for(var i = 0; i < node.attributes.length; i++)
{
    var currAttribute = node.attributes[i];

    if(currAttribute.nodeName == "style")
    {
       applyStyle(element, currAttribute.nodeValue);
    }

    else if(currAttribute.nodeName == "class")
    {
       element.className = currAttribute.nodeValue;
    }

    else
    {
       eval("element." +
            node.attributes[j].nodeName +
            " = \"" +
            node.attributes[j].nodeValue +
            "\""
           );
    }
}

Pretty straightforward, but why do we have the if statements for “style” and “class”? Well, I’m sure you can see why you need the if statement for “class”. The attribute name in Javascript is different from the attribute name used in the XHTML code. But what’s that applyStyle function? Well, that function translates the CSS style into the Javascript format. So for example, if we had a style background-color:#ffffff;, the Javascript equivalent is obj.style.backgroundColor = “#ffffff”;. I wrote a simple function that performs this translation:

function applyStyle(obj, style)
{
         // Remove all whitespaces, and remove terminating ; if any
         style = new String(style).replace(/\s/g, "").replace(/;&#36;/, "");

         // Split into an array of attribute:value pairs
         var attributes = style.split(";");

         for(var i = 0; i < attributes.length; i++)
         {
             // Split the pair into the attribute and the value
             // Then translate the CSS style attribute into Javascript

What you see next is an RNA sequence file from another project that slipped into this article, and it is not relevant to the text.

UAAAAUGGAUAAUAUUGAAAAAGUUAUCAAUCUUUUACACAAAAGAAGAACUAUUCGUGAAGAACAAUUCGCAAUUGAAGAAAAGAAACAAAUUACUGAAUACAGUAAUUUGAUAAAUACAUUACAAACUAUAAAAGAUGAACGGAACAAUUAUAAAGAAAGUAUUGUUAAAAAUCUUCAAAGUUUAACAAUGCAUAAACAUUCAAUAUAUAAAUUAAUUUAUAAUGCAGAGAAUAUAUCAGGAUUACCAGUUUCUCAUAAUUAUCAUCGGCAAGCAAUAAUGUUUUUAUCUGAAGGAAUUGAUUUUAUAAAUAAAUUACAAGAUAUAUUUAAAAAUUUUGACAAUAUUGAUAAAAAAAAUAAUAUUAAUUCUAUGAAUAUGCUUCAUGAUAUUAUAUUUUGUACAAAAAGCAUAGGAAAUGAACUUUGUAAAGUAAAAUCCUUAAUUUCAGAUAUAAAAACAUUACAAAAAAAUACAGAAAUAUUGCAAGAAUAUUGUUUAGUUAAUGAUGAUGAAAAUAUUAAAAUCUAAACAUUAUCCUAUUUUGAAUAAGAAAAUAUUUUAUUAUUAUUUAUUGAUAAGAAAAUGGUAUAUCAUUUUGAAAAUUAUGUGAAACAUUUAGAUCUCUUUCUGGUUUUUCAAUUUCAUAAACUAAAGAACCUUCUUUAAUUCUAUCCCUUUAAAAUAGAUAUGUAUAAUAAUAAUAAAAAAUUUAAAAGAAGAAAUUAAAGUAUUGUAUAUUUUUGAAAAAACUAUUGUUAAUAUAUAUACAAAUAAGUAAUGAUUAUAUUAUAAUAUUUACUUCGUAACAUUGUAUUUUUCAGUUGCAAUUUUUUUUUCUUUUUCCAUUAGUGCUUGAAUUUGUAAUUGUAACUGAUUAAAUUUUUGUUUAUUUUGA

var attrvalue_pair = attributes[i].split(":");
             var attr = attrvalue_pair[0].replace(/-[a-z]/g, function($1)
                                                             {
                                                                      return new String($1).toUpperCase().replace(/-/g, "");
                                                             }
                                                 );

            // eval the constructed Javascript code

            eval("obj.style." + attr + " = \"" + attrvalue_pair[1] + "\"");
         }
}

Now we can put it all together:

function insertXHTML(myXHTML, myObject)
{
         var parser = new DOMParser();
         var XMLdoc = parser.parseFromString("<root>;" + myXHTML + "</root>", "text/xml");

         if(XMLdoc.documentElement.nodeName == "parserror")
         {
            alert("Your XML document has errors");
         }

         else
         {
            walkTree(XMLdoc.childNodes[0], myObject);
         }
}

function walkTree(node, parent)
{
         // Failing case for recursion. We don't want to continue 
         // if the node has no children.

         if(node.hasChildNodes())